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It always has

03/18/2011 @ 2:52pm

Last week I was talking on the phone with a friend and as the conversation wound down he asked, “So, how are you doing?  I’ve detected a certain lack of sunshine in some of your more recent columns.”

That same morning I woke up at 4:30 with the first paragraph of a column in my head that started, “Are our political leaders cynical or just stupid?"

I had to admit, he had me.

It’s not all my fault.  Winter in my part of the world is cold and dark and hard.  When you combine ice dams and snow shoveling with the news from Iraq, Afghanistan and Washington, I think a regular guy could be forgiven for a certain lack of sunshine.

“It’s been a long winter,” I said, a bit defensively.

He laughed.  “Whenever I used to ask my father if spring was ever going to come he’d say, ‘It always has’.”

That made me smile.  I could just hear it.  A low key paternal voice, answering an impatient query with one of the basic truths of the universe.  It’s even sort of Biblical.  Ecclesiastes says, “The sun also rises and also goes down,” which seems the same sort of helpful message.  Of course, about ten verses further on in the same chapter you get something that supports my point. “I have seen all the works that are done under the sun; and behold, all is vanity and vexation of spirit.”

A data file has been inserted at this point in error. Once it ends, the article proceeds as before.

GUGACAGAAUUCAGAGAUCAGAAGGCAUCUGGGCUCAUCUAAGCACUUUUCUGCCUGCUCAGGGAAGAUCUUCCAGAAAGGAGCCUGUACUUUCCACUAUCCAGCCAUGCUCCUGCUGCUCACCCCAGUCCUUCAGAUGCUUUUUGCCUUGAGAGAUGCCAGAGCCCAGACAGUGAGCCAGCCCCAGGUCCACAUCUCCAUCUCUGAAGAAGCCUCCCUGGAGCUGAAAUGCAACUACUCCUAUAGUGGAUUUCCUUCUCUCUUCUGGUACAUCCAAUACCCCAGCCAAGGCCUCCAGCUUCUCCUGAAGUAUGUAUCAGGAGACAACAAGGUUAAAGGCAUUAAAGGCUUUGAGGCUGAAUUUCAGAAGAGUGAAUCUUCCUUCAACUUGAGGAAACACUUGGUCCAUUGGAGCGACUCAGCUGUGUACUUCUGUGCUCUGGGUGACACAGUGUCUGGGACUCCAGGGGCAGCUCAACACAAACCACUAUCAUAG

There is plenty of vanity and vexation of spirit going around.  Actually, you can’t seem to get away from it.

If I were a better person, I wouldn’t even charge money to write this column. I’m always finding out interesting stuff that I never would have known if I weren’t facing a deadline.  I was pretty sure the quote about the sun also rising came from Ecclesiastes, but I thought I better check to be sure.  

The first place I went to was a web site called Biblenotes.  It said, “Ecclesiastes is considered a pessimistic book, with statements that history merely repeats itself and nothing is new, and there is no reason to think of what might have been.”

Man, that made me tired.  History repeats itself?  Well, yeah.  Spring comes, the rains fall, the grass grows, babies are born.  I guess it takes someone with a lot more education than I have to see the downside in that. And as for “there is no reason to think of what might have been” have you ever noticed how small a car’s rearview mirror is compared to the windshield?  Sure, it’s okay to glance back every now and then, but the only way to safely make progress is to keep your eyes pretty firmly fixed on the future.

And what is the future?  Well, along with the vanity and vexation there is this.  “…every man should eat and drink, and enjoy the good of all his labor; it is the gift of God.”

Will spring come?  It always has.

Will it rain?  It always  has.  

After the rains, will the sun come out?  It always has.

There may well be nothing new under the sun and why is that necessarily a bad thing?  Because part of what is old and reliable is the fact that we can eat and drink, and enjoy the good of our labor, because it is a gift of God.

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